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WORKING PAPERS





Cursed Financial InnovationAbstract:

We analyze the welfare properties of derivative securities that profit-maximizing issuers offer to investors who have inferior information and neglect the information content of the offer. To capture the markets for structured securities and exotic exchange-traded funds, we assume that issuers can choose both the underlying asset and the form of the security. An issuer's optimal security induces investors to bet on unlikely market movements, creating both excess risk taking and undersaving. Giving more information to the issuer leads it to choose an underlying asset on which its information is more extreme, exacerbating both effects and hence lowering social welfare. Furthermore, providing inferior and noisy additional information to investors also lowers welfare because the security is then written on an underlying asset about which the information is misleading. If the issuer can base its security on a combination of underlying assets, it optimally creates a "custom-designed" index to maximize its informational advantage and minimize risk, minimizing investor and social welfare. Restricting the set of underlying assets -- a kind of standardization -- increases welfare by preventing the issuer from systematically selling a security with extreme or misleading information. Once this policy is adopted, increasing investor information becomes beneficial.


Joint with Péter Kondor. Updated August 2015.





Naivete-Based DiscriminationAbstract:

We initiate the study of naivete-based discrimination, the practice of conditioning offers on external information about a consumer's naivete. We identify a broad class of situations in which such discrimination lowers social welfare under a weak condition. In our primary example, a credit market with time-inconsistent borrowers, firms lend more than socially optimal to increase profits from naive borrowers' unexpected eagerness to put off repayment. Information about consumer naivete leads firms to (inefficiently) differentiate the extent of overlending according to naivete as well as to (also inefficiently) raise total lending -- so that naivete-based discrimination always lowers welfare. Because the overlending distortion is the same whether or not firms observe beliefs, information about a consumer's beliefs has at most distributional implications, while information about naivete given beliefs always strictly decreases total welfare. We show that naivete-based discrimination follows a closely related logic in many other applications, including models of bank accounts and mobile phones, where the distortion from exploiting naivete falls homogenously on naive and sophisticated consumers. We also point out important settings in which the distortion differs across types, and identify the effect of information about naivete in some of those cases.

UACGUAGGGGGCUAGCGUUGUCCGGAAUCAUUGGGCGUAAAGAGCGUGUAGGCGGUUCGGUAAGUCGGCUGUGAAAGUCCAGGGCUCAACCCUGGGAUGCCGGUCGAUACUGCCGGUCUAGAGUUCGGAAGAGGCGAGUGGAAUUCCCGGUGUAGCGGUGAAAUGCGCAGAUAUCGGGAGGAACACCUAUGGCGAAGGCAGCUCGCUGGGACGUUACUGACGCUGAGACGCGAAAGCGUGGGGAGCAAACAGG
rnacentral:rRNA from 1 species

Joint with Paul Heidhues. Updated April 2015.





Inferior Products and Profitable DeceptionAbstract:

We analyze conditions facilitating profitable deception in a simple model of a competitive retail market. Firms selling homogenous products simultaneously set a transparent up-front price and an additional price, and decide whether to unshroud the additional price to naive consumers. To model especially financial products such as banking services, credit cards, and mutual funds, we assume that there is a binding floor on the product's up-front price. Our main results establish that "bad" products - ones that should not even be produced - tend to be more reliably profitable than "good" products. Specifically, (1) in a market with a single socially valuable product and sufficiently many firms, at least one firm is willing to unshroud, so a deceptive equilibrium does not exist and firms make zero profits. But perversely, (2) if the product is socially wasteful, a firm cannot profitably sell a transparent product, so there is no incentive to unshroud and hence a profitable deceptive equilibrium always exists. Furthermore, (3) in a market with multiple products, since a superior product both diverts sophisticated consumers and renders an inferior product socially wasteful in comparison, it guarantees that firms can profitably sell the inferior product by deceiving consumers.


Joint with Paul Heidhues and Takeshi Murooka. Updated December 2014.